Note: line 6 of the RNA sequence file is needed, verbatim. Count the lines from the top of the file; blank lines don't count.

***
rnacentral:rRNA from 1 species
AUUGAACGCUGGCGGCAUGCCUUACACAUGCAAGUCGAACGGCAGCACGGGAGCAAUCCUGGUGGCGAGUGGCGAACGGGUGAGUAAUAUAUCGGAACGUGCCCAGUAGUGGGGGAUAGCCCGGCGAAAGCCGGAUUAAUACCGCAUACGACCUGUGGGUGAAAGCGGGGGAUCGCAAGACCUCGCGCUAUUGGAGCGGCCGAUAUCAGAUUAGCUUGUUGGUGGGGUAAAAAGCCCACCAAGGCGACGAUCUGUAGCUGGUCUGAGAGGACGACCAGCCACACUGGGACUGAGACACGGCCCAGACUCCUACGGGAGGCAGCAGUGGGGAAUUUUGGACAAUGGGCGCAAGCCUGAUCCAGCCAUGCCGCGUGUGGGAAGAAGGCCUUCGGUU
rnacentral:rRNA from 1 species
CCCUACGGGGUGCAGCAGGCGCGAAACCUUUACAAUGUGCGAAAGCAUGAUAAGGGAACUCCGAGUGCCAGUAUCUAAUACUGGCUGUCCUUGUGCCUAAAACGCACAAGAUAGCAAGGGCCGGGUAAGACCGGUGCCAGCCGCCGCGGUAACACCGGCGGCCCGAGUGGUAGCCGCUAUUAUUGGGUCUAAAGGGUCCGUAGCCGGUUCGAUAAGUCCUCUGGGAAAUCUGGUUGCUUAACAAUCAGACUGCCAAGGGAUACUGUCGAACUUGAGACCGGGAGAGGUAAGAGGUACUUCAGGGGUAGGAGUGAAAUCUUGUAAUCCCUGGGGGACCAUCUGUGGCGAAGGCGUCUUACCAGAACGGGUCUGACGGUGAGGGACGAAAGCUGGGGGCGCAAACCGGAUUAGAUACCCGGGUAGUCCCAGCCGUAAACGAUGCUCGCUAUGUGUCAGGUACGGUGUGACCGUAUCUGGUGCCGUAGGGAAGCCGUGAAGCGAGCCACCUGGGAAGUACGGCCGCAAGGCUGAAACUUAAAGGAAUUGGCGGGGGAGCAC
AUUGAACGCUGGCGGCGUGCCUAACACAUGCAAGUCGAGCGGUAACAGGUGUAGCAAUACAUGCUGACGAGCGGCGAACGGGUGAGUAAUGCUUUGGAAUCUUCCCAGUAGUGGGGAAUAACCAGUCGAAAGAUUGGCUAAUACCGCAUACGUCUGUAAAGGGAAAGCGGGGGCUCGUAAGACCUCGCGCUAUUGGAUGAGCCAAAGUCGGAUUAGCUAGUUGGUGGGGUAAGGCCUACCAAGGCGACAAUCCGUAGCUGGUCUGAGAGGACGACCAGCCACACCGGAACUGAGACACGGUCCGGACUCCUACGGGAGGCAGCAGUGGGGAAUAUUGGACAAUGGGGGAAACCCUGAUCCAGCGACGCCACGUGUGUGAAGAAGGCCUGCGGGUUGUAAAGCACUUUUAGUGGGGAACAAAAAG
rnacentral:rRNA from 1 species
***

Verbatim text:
rnacentral:rRNA from 1 species